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Performance of a rapid two-sequence screening protocol for osteomyelitis of the foot

  • Adam D. SingerEmail author
  • Monica Umpierrez
  • Aparna Kakarala
  • Marcos C. Schechter
  • Michael Maceroli
  • Gulshan B. Sharma
  • Ravi R. Rajani
Scientific Article

Abstract

Objective

Compare a two sequence protocol to a standard protocol in the detection of pedal osteomyelitis (OM) and abscesses and to identify patients that benefit from a full protocol.

Materials and methods

One hundred thirty-two foot MRIs ordered to assess for OM were enrolled, and the following items were extracted from the clinical reports: use of IV contrast, the presence of OM, reactive osteitis, and a soft tissue abscess. Using only one T1 nonfat-suppressed and one fluid sensitive fat-suppressed sequences, two experienced musculoskeletal radiologists reviewed each case for the presence of OM, reactive osteitis, or an abscess. A Kappa test was calculated to assess for interobserver agreement, and diagnostic performance was determined. The McNemar test was used to assess for the effect of contrast.

Results

Agreement between both observers and the clinical report on the presence of osteomyelitis was substantial ( k = 0.63 and 0.72, p < 0.001), while the agreement for abscess was fair (k = 0.29 and 0.38, p < 0.001). For osteomyelitis, both observers showed good accuracy (0.85 and 0.86). When screening bone for a normal versus abnormal case, this method was highly sensitive (0.97–0.98), but was less sensitive for abscess (0.63–0.75). Fifty-one percent of exams used contrast, and it did impact the diagnosis of abscess for one observer.

Conclusion

This rapid protocol is accurate in making the diagnosis of OM, and its high sensitivity makes it useful to screen for patients that would benefit from a full protocol.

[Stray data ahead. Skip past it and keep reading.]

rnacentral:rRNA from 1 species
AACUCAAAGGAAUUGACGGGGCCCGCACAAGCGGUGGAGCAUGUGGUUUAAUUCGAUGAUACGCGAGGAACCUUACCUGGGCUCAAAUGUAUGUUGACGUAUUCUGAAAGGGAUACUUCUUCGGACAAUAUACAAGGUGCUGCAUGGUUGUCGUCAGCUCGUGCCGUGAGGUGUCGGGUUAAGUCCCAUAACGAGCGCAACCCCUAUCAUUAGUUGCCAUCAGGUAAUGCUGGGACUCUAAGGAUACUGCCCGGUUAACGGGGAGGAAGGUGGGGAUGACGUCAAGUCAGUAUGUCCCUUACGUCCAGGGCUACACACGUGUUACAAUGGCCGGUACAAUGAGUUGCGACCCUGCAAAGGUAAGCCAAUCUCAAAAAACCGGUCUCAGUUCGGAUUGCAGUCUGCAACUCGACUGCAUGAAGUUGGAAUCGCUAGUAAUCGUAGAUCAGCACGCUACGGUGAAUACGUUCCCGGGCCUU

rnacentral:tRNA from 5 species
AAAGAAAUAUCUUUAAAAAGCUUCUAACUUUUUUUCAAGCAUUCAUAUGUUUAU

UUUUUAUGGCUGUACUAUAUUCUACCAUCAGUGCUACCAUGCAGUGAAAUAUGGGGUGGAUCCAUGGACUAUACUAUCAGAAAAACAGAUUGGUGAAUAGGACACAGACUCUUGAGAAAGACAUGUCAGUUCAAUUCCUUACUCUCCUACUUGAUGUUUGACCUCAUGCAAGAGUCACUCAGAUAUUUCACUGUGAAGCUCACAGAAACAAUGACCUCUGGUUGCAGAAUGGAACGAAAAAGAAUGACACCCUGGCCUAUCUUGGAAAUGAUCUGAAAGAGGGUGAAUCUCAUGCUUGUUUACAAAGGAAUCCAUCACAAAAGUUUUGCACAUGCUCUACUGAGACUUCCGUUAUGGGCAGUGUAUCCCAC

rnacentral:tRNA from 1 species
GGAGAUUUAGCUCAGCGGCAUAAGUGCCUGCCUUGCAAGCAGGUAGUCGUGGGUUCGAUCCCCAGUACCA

Keywords

MRI Screening Osteomyelitis Pedal Foot 

Abbreviations

OM

Osteomyelitis

RO

Reactive osteitis

EO

Early osteomyelitis

DFU

Diabetic foot ulcer

IV

Intravenous

ACR

American College of Radiology

BKA

Below the knee amputation

STIR

Short tau inversion recovery

Notes

Author contributions

Drs. Umpierrez and Kakarala did the review of the 132 cases. Drs. Maceroli and Rajani provided the surgical insight for the project from an orthopedic and vascualar surgery perspective, respectively. Dr. Schechter provided insight from an infectious disease perspective. Dr. Sharma helped with statistics. All authors were involved in drafting and editing the manuscript.

Compliance with ethical standards

Conflict of interest

The authors declare that they have no conflict of interest.

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Copyright information

© ISS 2020

Authors and Affiliations

  • Adam D. Singer
    • 1
    Email author
  • Monica Umpierrez
    • 1
  • Aparna Kakarala
    • 1
  • Marcos C. Schechter
    • 2
  • Michael Maceroli
    • 3
  • Gulshan B. Sharma
    • 4
  • Ravi R. Rajani
    • 5
  1. 1.Department of Radiology and Imaging Sciences, Division of Musculoskeletal ImagingEmory University HospitalAtlantaUSA
  2. 2.Department of Medicine, Division of Infectious DiseaseEmory University HospitalAtlantaUSA
  3. 3.Department of Orthopaedic SurgeryEmory University HospitalAtlantaUSA
  4. 4.University of CalgaryCalgaryCanada
  5. 5.Department of Surgery, Division of Vascular SurgeryEmory University HospitalAtlantaUSA

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